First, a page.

The Republican legislation, if enacted, “would have an especially big impact on children of color in our state,’’ Laura Colbert adds. “We already see health disparities in communities of color in…
Blog (May 2010)
Guest Blog By Timothy Sweeney
Senior Healthcare Analyst for the Georgia Budget and Policy Institute
Word comes today that the South Carolina Legislature has overridden a gubernatorial veto of a 50-cent increase in the state’s tobacco tax.
The Republican-controlled House and Senate found the two-thirds vote needed to pass the override, bringing South Carolina’s tax to 57-cents per pack and pushing Georgia’s 37-cent tax farther down in rankings – now 4th lowest tobacco tax in the nation and the lowest of any of our surrounding states. Even a state that prides itself on low taxes shouldn’t be proud of this ranking.
The 2010 Legislative Session is officially over in Georgia. We want to provide you a wrap-up of key pieces of health-related legislation and what they mean for Georgians across the state.
- HB 307 (which ultimately was attached to HB 1055) imposes a 1.45% bed tax on hospitals. It is estimated that HB 1055 will generate $300 million for the state.
- HB 317 (which was attached to HB 411) states that Georgians cannot be compelled to “participate in any health care system,” and that the purchase or sale of health insurance products and/or direct healthcare services could not be prohibited. This language is intended to exempt Georgians from the individual mandate to purchase health insurance that is included in the recently enacted national health reform law. Because federal law predominates, HB 317 is not expected to have much practical impact.
- HB 321 now brings Third Party Administrators under Georgia’s Prompt Pay statues, creating a more attractive practice environment for physicians within Georgia and creating more physician choice for Georgia’s consumers and effectively lowering costs through increased competition. The statute ensures that insurance providers pay medical claims within 15 to 18 working days.
- HB 866 permits state matching grants to organizations for doctors who move to rural areas. This legislation serves to enhance recruitment efforts in bringing physicians and specialists to underserved areas within the state thus allowing for greater health care options statewide.
- HB 1040 allows unlicensed caretakers to perform some home health care activities. This will enable trained, unlicensed care-partners or assistance personnel to provide some health maintenance activities under informed consent for people with disabilities and the written order of a physician, eliminating the ban on such services within the Nurse Practice Act and allowing or more affordable in-home health options.
- HB 1268 extends the 65% federal COBRA premium subsidy for people laid off by small firms.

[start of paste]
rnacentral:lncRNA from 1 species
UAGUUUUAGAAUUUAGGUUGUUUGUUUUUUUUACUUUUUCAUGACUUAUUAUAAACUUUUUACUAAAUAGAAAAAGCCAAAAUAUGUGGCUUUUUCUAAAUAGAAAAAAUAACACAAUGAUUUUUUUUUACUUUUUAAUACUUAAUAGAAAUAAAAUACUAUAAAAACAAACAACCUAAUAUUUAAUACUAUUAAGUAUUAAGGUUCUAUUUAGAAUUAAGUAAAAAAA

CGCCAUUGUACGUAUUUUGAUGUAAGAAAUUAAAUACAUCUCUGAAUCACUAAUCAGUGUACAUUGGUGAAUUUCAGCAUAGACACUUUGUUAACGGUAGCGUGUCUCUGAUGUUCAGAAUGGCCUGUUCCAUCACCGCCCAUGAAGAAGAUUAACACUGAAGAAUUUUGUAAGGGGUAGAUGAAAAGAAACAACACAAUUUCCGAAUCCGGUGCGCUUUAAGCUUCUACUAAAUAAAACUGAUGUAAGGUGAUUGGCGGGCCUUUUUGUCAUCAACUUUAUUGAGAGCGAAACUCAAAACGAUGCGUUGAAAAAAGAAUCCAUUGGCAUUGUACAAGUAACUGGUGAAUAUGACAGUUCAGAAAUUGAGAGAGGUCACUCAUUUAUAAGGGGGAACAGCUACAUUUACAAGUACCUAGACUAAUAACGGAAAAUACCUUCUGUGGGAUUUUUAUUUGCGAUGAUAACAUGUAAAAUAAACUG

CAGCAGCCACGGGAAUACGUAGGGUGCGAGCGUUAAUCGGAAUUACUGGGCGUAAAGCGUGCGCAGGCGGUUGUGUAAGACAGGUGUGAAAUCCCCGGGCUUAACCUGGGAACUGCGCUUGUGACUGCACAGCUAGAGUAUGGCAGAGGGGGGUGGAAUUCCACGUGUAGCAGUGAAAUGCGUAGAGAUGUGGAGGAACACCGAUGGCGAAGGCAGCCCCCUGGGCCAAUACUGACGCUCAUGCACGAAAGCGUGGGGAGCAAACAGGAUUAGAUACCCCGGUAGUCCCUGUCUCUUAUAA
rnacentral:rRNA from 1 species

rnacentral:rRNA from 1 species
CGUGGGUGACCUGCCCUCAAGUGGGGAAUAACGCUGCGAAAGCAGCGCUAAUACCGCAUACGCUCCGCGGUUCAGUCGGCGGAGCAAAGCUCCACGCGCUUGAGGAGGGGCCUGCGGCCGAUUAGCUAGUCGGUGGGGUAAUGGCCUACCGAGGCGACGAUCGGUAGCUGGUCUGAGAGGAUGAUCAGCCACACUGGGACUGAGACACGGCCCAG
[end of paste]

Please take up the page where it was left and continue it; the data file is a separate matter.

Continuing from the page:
- HB 1407 provides for a single administrator for dental services for Medicaid recipients and PeachCare for Kids participants thus effectively removing the administrative “middle man” in accessing dental care.
- SB 316 will make Medigap policies available to Georgians who are living with a disability and receiving Medicare benefits, allowing for fewer chronically ill Georgians to be stuck within the Medicare donut hole or avoid other underpayment issues.
- SB 360 and HB 23 deal with cellular phone use while driving. The Senate bill bans texting by all drivers and the House bill bans class D drivers, mostly teenagers, from talking on their cell phones while on the road.
- SB 367 expands the list of persons who may consent to treatment on behalf of another and provides for medical consent guardians.
- SB 458 will require pickup drivers to join the rest of the state’s motorists in wearing seat belts. Pickups used on farms and other agricultural jobs are exempt.
- SR 277 asks voters to approve a $10 fee for license plates to fund trauma services.
Two bills that we closely monitored throughout the Legislative Session, SB 407 and HB 1184, ultimately did not pass. We had major concerns about the impact of these bills on Georgia’s consumers, as they would have circumvented essential health insurance benefit mandates and eroded consumer protections for health care consumers by authorizing out-of-state insurers to sell health insurance plans to Georgians.
One issue that we were following throughout the session, the tobacco tax increase, failed to make it through in the final hours of session. Despite being a win for public health, a win for tobacco prevention and a win for the state coffers, the tobacco tax was left behind for the year. Hopefully next year it will be back on the table for negotiation.
As for the budget:
On the 40th day of the session, the FY 2011 budget was adopted. The Medicaid and PeachCare programs were largely protected from cuts because the state is operating under maintenance of eligibility requirements tied to the enhanced rate of federal matching funds (FMAP) Georgia is receiving from the federal government as part of the American Recovery and Reinvestment Act. However, the state budget does include increases to PeachCare premiums. Outside the Medicaid and PeachCare programs, there were other health care budget cuts, including cuts to health department grant-in-aid, Babies Born Healthy prenatal care, and Area Health Education Centers. For a more detailed breakdown of the budget and its implications on health care, please see the Georgia Budget and Policy Institute’s reports.
Though the session is over, the hard work is far from over. Over the next couple of months Georgians for a Healthy Future will be monitoring the implementation of the new national health reform law to ensure that Georgia is prepared to meet the needs of its citizens. We will continue to keep you updated on issues that affect the health and welfare of all Georgians and we will look to you for support as we forge ahead.